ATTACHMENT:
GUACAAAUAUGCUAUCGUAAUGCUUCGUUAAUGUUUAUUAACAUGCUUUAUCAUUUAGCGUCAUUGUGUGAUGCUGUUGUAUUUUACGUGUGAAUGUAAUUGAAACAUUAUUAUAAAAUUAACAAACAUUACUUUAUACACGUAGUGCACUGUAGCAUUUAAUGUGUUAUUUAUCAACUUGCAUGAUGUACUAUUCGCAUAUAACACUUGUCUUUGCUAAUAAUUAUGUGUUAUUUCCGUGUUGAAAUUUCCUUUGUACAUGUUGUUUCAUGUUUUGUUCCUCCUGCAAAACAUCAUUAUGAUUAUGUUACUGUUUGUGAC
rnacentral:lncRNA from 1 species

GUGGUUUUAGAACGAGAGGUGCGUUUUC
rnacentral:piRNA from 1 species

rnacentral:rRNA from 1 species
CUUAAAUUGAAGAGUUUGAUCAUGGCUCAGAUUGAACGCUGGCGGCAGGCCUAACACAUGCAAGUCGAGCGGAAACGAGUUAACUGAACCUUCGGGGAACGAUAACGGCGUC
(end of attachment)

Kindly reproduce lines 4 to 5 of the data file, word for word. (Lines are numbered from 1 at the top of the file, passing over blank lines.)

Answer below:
rnacentral:piRNA from 1 species

rnacentral:rRNA from 1 species